Replacement Power for Indian Point – Energy Storage

In two earlier posts I addressed potential replacement of New York’s Indian Point nuclear station power using new projects that are licensed or under construction suggested by the Governor and the alternative use of renewables and energy efficiency as proposed by environmental organizations. The latest proposal, commissioned by the New York Battery and Energy Storage Technology Consortiums, claims that energy storage, along with a portfolio of other clean energy sources, can replace Indian Point. This post examines their proposal.

I have been following New York State (NYS) energy policy for a long time. Before retirement from a Non-Regulated Generating company, I was actively analyzing air quality regulations that could affect company operations and those regulations were often indirectly or directly tied to NYS energy policy. The opinions expressed in this post do not reflect the position of any of my previous employers or any other company I have been associated with, these comments are mine alone. I am motivated to write these posts on energy policy because the majority of what you hear in public is, in my opinion, overly optimistic about the viability of new technologies and rarely portrays costs realistically.

In January 2017 New York’s Governor Andrew Cuomo announced the premature closure of the Indian Point Energy Center located 25 miles north of New York City. Cuomo claims that Indian Point produces 2,000 megawatts of electrical power and that “more than enough replacement power to replace this capacity will be available by 2021”. Previously I showed that while the capacity can be replaced by projects that are either under construction or licensed, that insinuations elsewhere that the replacement will be air pollution free are not correct. Shortly after his announcement environmental organizations proposed using renewables and energy efficiency exclusively but I showed that was technically possible but the realistic costs of replacing all the capabilities of Indian Point with those resources would be too expensive to be a realistic option.

Indian Point Energy Storage Replacement Option

The New York Battery and Energy Storage Technology Consortium hired Strategen Consulting to evaluate the use of energy storage as a potential replacement for Indian Point. The study presentation is a slide show that includes some excellent graphics that show the mix of generation capacity in Downstate New York. In addition to the retirement of Indian Point the study explains that there are a couple of other issues that could exacerbate the capacity problem. They point out that attaining the new ozone ambient air quality standard has triggered a NYS process to address old peaking turbines in New York City and that the City of New York is requiring that all use of #6 fuel oil be phased out. As a result, they claim there could be a capacity shortfall of greater than 1,000 MW by 2023.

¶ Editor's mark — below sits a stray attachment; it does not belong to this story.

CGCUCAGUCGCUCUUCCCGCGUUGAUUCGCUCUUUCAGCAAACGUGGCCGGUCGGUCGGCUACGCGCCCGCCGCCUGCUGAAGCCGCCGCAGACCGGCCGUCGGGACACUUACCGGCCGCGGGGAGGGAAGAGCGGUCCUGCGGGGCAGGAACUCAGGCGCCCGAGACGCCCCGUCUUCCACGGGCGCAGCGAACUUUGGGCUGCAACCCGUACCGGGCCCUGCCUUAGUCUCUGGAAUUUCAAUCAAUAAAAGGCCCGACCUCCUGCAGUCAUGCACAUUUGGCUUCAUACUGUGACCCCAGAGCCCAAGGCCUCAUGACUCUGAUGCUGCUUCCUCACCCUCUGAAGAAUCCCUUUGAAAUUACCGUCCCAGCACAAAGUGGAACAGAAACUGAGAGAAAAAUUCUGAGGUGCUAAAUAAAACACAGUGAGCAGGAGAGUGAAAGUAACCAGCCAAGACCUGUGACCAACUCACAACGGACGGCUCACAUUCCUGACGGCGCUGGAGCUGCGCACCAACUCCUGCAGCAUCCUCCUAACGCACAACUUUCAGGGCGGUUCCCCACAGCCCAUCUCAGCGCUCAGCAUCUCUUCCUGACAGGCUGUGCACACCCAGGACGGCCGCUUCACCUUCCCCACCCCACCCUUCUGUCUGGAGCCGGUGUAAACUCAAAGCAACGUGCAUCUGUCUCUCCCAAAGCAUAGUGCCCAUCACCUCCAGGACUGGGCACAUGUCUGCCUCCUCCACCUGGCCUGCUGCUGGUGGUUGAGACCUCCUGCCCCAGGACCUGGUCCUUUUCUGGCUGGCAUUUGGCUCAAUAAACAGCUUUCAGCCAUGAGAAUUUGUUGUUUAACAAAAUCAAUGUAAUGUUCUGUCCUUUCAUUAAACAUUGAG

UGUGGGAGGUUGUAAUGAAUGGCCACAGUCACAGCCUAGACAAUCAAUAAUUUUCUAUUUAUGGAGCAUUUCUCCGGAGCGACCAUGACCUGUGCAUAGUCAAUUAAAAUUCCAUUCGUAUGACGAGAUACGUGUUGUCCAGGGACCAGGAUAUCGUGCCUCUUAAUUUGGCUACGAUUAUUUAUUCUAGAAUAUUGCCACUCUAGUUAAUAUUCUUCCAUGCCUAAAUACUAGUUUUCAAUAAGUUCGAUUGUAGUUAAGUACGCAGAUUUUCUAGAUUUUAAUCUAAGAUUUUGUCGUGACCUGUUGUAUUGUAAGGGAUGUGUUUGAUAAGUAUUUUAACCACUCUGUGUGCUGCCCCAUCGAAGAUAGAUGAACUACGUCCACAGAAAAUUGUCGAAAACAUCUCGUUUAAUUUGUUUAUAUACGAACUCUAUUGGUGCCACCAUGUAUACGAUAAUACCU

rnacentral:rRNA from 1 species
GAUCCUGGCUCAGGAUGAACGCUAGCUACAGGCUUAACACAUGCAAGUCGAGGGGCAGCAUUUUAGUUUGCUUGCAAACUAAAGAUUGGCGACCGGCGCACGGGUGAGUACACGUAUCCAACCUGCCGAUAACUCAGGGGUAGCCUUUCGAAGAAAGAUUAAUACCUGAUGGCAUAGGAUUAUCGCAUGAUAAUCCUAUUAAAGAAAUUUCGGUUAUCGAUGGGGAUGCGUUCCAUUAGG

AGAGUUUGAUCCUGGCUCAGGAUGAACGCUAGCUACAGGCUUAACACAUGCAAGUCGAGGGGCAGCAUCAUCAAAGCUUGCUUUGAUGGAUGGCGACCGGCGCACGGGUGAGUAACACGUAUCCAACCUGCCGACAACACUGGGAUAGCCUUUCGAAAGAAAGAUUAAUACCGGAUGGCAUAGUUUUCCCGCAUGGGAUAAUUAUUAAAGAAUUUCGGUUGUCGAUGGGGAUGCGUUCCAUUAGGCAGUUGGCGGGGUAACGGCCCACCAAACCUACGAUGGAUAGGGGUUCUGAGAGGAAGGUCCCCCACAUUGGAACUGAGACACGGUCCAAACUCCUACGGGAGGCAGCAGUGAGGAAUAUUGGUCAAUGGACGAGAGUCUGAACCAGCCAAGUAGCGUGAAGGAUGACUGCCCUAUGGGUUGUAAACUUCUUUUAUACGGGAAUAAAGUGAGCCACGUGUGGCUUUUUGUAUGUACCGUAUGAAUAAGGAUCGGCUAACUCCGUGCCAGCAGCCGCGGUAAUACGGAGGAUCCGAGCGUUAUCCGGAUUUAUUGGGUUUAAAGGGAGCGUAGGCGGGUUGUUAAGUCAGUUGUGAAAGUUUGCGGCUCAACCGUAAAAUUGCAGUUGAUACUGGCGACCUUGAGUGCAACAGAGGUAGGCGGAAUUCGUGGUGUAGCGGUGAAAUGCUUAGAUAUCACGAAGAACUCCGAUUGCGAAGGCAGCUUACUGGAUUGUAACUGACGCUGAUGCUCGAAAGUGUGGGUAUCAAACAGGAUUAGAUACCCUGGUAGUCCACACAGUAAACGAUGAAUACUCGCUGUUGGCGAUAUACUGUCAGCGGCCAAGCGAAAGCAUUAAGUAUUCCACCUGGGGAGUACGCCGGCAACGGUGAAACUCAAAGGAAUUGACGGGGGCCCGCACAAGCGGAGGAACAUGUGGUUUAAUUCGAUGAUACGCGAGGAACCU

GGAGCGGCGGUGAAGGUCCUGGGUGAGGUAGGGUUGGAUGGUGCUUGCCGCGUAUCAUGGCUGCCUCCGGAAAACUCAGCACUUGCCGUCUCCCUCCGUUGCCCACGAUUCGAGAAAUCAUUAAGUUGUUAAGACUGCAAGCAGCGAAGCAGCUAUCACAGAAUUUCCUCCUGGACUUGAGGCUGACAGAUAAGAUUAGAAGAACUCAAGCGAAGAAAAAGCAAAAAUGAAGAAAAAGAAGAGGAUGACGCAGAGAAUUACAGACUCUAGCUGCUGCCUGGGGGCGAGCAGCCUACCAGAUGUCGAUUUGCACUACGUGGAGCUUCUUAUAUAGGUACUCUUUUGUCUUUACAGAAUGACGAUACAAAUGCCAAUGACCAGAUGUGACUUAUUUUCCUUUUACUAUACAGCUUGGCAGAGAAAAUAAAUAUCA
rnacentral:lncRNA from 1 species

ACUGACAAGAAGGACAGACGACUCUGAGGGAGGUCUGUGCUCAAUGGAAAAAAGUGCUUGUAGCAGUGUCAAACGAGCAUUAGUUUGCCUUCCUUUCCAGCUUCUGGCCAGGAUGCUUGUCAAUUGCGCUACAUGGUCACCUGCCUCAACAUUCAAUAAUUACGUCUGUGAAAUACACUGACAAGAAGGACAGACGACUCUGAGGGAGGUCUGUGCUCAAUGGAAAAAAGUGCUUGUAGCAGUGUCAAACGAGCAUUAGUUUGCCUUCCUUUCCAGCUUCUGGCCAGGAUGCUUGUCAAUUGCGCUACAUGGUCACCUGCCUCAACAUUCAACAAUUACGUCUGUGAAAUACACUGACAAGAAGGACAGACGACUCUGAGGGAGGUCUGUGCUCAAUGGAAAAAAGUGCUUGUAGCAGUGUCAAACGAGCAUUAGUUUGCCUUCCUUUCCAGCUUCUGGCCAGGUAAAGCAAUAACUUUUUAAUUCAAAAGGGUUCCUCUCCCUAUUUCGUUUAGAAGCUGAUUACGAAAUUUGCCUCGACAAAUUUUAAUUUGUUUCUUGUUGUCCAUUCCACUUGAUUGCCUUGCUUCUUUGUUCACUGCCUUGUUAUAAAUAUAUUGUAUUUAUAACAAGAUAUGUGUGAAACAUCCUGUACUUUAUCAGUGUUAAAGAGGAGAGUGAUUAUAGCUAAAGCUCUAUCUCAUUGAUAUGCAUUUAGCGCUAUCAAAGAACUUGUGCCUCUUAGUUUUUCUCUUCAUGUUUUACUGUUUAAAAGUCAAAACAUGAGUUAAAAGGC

The primary goal of this post is to discuss the energy storage proposal but let me quickly address the peakers and #6 fuel oil phase-out problems. The process for determining what to do with the peaking turbines has just begun and while the NYS Department of Environmental Conservation has shown that those peakers contributed to ozone in 2011, there are indications that the relationship is weakening to the point where additional modeling is necessary to determine what is happening today as opposed to five years ago. The phaseout of #6 fuel oil is not a major technological problem so the only reason that capacity would be affected is if the costs for switch over are too high. I have seen no indications that any of the affected facilities will shut down due to this requirement. Both issues are valid problems but the evolving regulatory framework is too early in the process to claim that the 1,000 MW shortfall claimed is anything more than a low probability.

Battery Storage Replacement